Empathetic leaders are the ones who have a genuine interest in their teams and their colleagues. The encounters they deal with and their overall feelings, today, empathy in leadership has become essential to engage their employees, motivation and maintain a positive work culture in today's distributed workplace.
With that said, empathy is not something every leader has, or even is obligated to have, or is a superpower to be an effective leader. Instead, it is just one of the many traits that can create a strong bond with their employees. Why? Because when leaders listen to their team, the trust between them increases. Its confidence is something that every corporation desires.
Empathy is one of many critical elements of the definition of servant leadership. Empathetic leadership is the kind of leadership that makes an effort to understand and identify what employees are going through, and then offer support, help meet the individual on where they may be at that moment. To be clear, not all empathetic leaders practice servant leadership, which is also ok.
Generally, an empathetic leader interacts with others in a way that leaves their employees feeling trusted, valued, and cared for, and as though they have a solid connection based on these traits. Through varies, survey's 94% of the HR professionals and 89% of employees said empathy drives retention. However, the most surprising fact is that 79% of employees said they'd work longer hours for an empathetic leader, and 70% of employees would accept a pay cut for an employer that demonstrated empathy. Leaders think they understand their employees' needs, but in many cases, leaders struggle with connecting with their most important assets — people.
Sharing some steps to becoming an empathetic leader (even without the leadership title):
- Take care of yourself. Many ask themselves, "what does my private mental state have to do with my performance as a leader?" The truth is it plays a significant role; it's all how you interact with employees; if you aren't showing up for yourself, you will find it more challenging to show up for others or expect others to show up, set the tone, be the example.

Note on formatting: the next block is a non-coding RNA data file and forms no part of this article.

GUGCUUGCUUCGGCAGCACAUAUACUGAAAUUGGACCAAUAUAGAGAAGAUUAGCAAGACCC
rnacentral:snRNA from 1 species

- Acknowledge your mental state and how this influences how you see things at work and interact with your team. The way you manage is crucial by taking part in practices that boost your mental health is an excellent way to influence. Some examples are taking breaks, scheduling time with family and friends, a good sleep schedule, and a healthy diet.
- Be present with your team, take the time to set time to listen, engage, turn off any distractions. Nothing drives me nuts when conducting 1:1's, and the other individual is reading their slack, texts, and even emails. FAIL. Take this time with the individual to be curious and ask questions that show your investment, don't make this a one-sided opportunity. Show that you are invested and interested in knowing them and their success, find common ground, know they are seeking advice, not just take direction, but rather understand how you, as a leader, would handle situations. If you want something from this relationship, set the example and be present.